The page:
Microsoft chief executive Satya Nadella outlined his new vision for productivity Wednesday in front of thousands of the company's partners, pledging to make the Microsoft ecosystem as pervasive as possible.
However, Nadella and other Microsoft executives offered few updates on the company's direction, reiterating plans they'd announced before and recapping several products the company had shown previously.
There were a few exceptions: Tony Prophet, the corporate vice president of Windows marketing, held up an unnamed, Intel-powered, 8-inch Windows tablet from Toshiba that he said would be priced competitively with eight-inch Android tablets. Prophet also showed off a screenshot of the upcoming revamped Windows Start menu due in the next version of Windows, along with Modern or Metro apps that can run in windowed mode on the desktop. Nadella highlighted Project Siena, a beta app to let non-developers quickly create basic apps on the fly for mobile devices.
Cloud first, mobile first
In general, however, Nadella elaborated on the strategy memo he issued last week: that Microsoft was the productivity and platform company for the mobile-first and cloud-first world, and what that would mean to its partners.
Nadella spoke eloquently and persuasively about his vision for Microsoft, appearing at times more politician than architect. "We are the company, we are the ecosystem that can harmonize the various intents of individuals, IT and developers, bringing them together so that we can achieve more and do more," he said.
On the other hand, Nadella also faces the unenviable task of taking a company built on selling discrete products like Word, Vizio, Outlook, and Azure, and tying them together into a services ecosystem more like Google's. "When it comes to digital work and life experiences, the thing that we are going to do is start by building great experiences individually--that means we are going to have fantastic email, great file sharing, great communication and collaboration" with products like Skype, Outlook, and OneDrive, he said.
But Nadella said it wasn't about those products--or, as he referred to them, as the "application silos." Rather, Microsoft's goal is to tie them together better.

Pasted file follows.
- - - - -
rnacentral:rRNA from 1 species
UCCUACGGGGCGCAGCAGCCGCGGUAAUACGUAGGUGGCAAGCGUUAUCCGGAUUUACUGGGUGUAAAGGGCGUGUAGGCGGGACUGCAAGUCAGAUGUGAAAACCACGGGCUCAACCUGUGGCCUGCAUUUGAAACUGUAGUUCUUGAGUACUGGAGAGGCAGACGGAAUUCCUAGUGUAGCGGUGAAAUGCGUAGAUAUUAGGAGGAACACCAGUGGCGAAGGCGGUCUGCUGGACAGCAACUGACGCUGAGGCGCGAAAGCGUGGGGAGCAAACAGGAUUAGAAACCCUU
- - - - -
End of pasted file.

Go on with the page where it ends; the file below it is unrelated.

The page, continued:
"We are building out that digital infrastructure that ties together people, their activities, their relationships, to all of their artifacts of their life, whether that be photos or documents, at home or at work," Nadella said.
Microsoft's products are being rearchitected for this new reality. Earlier, Nick Hedderman, a group marketing manager at Microsoft, showed how quickly corporate apps and policies could be pushed to a user's personal Windows Phone--and how quickly they could be removed if the user left the company. Prophet, meanwhile, talked up Microsoft's new universal apps, where developers can "code once" using common APIs for Windows devices, from smartphones to PCs to Microsoft's gigantic Perceptive Pixel displays.
By pushing those apps onto platforms like Android or iOS, Microsoft can help win the larger market for connected devices, a point that Microsoft's chief operating officer Kevin Turner made Monday. "On every home screen out there our aspiration is to have one or many Microsoft icons representing Microsoft digital experiences," Nadella said. "They're all entry points for us as an ecosystem."
Where is Windows?
Where is Windows in all this? The goal for Windows is to take those "digital work-life experiences and make them shine," Nadella said. Windows will have "consumptive experiences" like Pandora, he said, but the real goal of Microsoft and its hardware and software partners is to emphasize productivity. Office 365, the company's flagship productivity suite, will be the focal platform for developers to build upon, he said.
"Any organization that wants to thrive in a world of data needs to provide a culture of data," Nadella said.
To pull it all together, Nadella showed off a few applications that he said represented the direction in which Microsoft is heading: a real-time worldwide monitoring dashboard of elevators manufactured by ThyssenKrupp Elevator Americas, the Siena app, and another demonstration of the Skype real-time translator that Microsoft had shown off previously. The Skype translator may be in preview by the end of 2014, Nadella said.
The ThyssenKrupp app used Microsoft's machine learning to sift through maintenance records and performance logs inside the connected elevators to predict when an elevator could fail. Microsoft chief storyteller Steve Clayton whipped through the Siena demonstration to show how apps could be created on the fly.
The idea, as Nadella implied, was that many users are already coding and don't even know it. "If you can build an Excel spreadsheet you can can build this app," he said of Siena.
In February, Nadella was named chief executive of Microsoft. He's now had one full quarter to settle in. Next week, on July 22, Microsoft reports its quarterly results, where we'll see the first hint of how Nadella's new strategy is playing out.